Here’s a little financial update from the month of May:
Our spending has been a bit up lately. Mostly it’s been in stuff I’ve purchased for the kids. Books and preschool-y toys and some clothes. I am fine with all of those purchases, but I’ve gotta admit — I had to grab some money from another spending category to pay for it since I didn’t have enough in my “kid stuff” category.
I don’t do a cash envelope system; instead, it’s an electronic one with savings sub-accounts.
My other high category of spending? Food. Grocery prices are up and my kids’ appetites are growing.
I updated my chart at NetWorthIQ for the end of May and saw our net finances were down.
It was all in investments — our retirement accounts and our college savings. That’s how it goes! I’m satisfied with our specific investment choices and we won’t need the money for many, many years so it’s no thang.
The market was down, so I figured I’d transfer some of my extra IRA savings (that was waiting in my regular bank account to be transferred this year at some point) since my share prices are on sale, so to speak.
For example, in March my fund was at $22.88/share — the highest it has been in the time I’ve owned the fund. The other day, I bought at $20.54/share.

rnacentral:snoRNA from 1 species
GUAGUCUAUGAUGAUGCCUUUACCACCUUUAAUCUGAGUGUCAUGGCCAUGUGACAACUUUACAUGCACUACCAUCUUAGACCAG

I do send the same amount biweekly to each of our retirement accounts, and through “dollar cost averaging,” sometimes we pay more for a share, and sometimes we pay less. It’s automated and it’s fine.
I suppose my strategy could be considered market timing. Still, I intended to transfer the money at some point this year anyway and I had no good reason not to send it on it’s merry way to Vanguard.
Hope what I did and why makes sense here.
Savings account earning 0.01%?!
I noticed that my growth savings account at my regular bank was now drawing a measly .01% interest. Whoa.
I’ve stopped using the bank for debit purchases — I needed 5 per month to get .55% interest. It’s used as a bill-pay account and short-term savings account. I use my ING Direct account for day-to-day spending and additional savings.
Previously, I had half of my emergency fund at ING but I decided to move all but $500 of my emergency fund there so it would earn .8% interest. Every little bit helps, of course.
Not a huge amount, but lemme tell ya, .01% interest is pitiful. Say I had $10,000 earning .01% for a year. That’s a DOLLAR in interest earnings for the course of the year.
Contrast $10,000 at .8% interest for a year, and that’s $80 in interest.
Earnings here at the blog are falling off like _________(insert your own dire metaphor here).
I’ll be happy if I’m still netting a few bucks from Amazon affiliate sales every once in awhile. Gotta love Amazon! And you know what, I “sell” more carpet cleaners on this blog than any other product on Amazon. Haha! I stand by my Hoover, truly.